Your "root objects" are accessible without reference to their place in the actual database structure. Clients are encouraged to always use the following idiom to obtain models from the database, since the model classes themselves know where in the database structure they are to be found.
self session magma rootAs: MyModelClass.
This scheme allows several applications or sub-domains to be layered upon a single database. Each model class can nominate the position of its own root object (see class methods #getVirtualRootIn: #setVirtualRootTo:in: etc.) in the main database. This also allows the database to be re-organised by changing model classes only. The seaside application domain views are decoupled from the macro-structure of the database via this #rootAs: idiom.
The actual database root which is effectively invisible to your application, is automatically initialized to an instance of WADictionaryRoot.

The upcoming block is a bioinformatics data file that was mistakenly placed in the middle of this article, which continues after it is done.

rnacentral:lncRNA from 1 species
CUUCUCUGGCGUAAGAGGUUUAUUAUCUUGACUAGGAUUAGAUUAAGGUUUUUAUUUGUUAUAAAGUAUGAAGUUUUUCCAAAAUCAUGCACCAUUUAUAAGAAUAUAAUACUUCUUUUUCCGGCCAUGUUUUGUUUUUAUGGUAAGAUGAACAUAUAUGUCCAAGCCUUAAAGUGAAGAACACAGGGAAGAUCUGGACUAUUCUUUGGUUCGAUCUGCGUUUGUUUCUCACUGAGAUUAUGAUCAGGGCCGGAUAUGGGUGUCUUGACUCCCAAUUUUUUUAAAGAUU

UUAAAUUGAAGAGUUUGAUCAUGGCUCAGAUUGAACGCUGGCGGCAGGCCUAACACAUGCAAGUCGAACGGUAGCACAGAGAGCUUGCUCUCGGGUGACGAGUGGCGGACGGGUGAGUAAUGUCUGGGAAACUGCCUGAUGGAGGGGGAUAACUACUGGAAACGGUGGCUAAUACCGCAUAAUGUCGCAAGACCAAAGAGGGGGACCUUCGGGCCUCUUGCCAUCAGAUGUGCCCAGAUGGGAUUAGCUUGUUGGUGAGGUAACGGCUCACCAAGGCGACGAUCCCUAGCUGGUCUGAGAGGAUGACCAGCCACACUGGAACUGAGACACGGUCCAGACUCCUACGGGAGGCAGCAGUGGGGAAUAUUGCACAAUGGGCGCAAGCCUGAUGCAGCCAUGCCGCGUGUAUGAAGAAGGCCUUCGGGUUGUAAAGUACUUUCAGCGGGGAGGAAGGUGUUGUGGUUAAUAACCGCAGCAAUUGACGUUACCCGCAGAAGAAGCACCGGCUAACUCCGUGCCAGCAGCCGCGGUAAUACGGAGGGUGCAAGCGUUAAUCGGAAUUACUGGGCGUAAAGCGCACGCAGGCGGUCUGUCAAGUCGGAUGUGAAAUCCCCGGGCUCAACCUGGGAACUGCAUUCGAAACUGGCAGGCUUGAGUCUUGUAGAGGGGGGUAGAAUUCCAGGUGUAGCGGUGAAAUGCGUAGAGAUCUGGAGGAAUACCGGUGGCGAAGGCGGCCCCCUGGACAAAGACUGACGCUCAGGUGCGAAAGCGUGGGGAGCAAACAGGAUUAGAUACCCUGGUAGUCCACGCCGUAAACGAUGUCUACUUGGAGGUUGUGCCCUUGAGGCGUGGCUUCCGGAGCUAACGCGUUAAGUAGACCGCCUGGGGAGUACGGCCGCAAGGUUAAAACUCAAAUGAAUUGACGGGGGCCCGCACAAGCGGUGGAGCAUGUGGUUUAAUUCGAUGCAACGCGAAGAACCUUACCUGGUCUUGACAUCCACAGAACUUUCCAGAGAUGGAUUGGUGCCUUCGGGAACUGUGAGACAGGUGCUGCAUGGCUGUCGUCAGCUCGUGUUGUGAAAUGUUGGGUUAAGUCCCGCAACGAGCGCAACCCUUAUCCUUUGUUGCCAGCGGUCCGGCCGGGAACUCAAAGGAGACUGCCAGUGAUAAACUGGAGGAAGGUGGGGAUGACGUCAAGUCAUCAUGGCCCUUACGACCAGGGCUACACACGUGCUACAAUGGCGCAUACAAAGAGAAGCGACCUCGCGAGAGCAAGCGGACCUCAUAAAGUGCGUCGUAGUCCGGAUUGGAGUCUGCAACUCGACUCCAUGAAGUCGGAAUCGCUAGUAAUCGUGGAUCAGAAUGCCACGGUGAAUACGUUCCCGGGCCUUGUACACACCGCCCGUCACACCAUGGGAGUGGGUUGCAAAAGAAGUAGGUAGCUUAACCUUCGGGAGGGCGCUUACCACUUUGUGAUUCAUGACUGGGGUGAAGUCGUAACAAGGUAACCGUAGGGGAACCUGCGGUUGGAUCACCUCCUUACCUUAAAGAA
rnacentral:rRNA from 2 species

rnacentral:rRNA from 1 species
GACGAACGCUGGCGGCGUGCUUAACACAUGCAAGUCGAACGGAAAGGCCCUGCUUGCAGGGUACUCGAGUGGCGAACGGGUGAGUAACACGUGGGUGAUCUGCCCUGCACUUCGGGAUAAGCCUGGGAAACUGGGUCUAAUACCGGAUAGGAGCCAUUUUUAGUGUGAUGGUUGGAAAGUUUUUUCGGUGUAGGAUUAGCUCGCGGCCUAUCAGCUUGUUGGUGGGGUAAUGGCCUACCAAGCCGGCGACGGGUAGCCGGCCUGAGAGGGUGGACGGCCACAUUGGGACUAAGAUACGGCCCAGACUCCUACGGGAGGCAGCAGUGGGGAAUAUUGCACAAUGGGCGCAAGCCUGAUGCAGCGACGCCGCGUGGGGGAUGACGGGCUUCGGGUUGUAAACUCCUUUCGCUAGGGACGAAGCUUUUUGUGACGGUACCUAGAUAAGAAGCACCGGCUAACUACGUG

When defining your sub-domain root objects, create concrete subclasses of general purpose classes (such as Object, Dictionaries, or MagmaCollections) Specialize these model classes so that they know where in the database they are located, this also means that they know how to initialize themselves via their #initialize method. (see class methods #getVirtualRootIn: #setVirtualRootTo:in: etc)
The #initialize method provides a natural place for subclasses of MagmaCollection to initialize their indexes. Specialized domain specific query methods can also be added to the class. If the query-reader is cached in an instance variable, this query-reader will itself become persisted in the database, and the server can provide an optimized pre-calculated response.
Note: Subclasses of Dictionary (and hence WADictionaryRoot) may not have additional instVars due to a known limitation of Magma.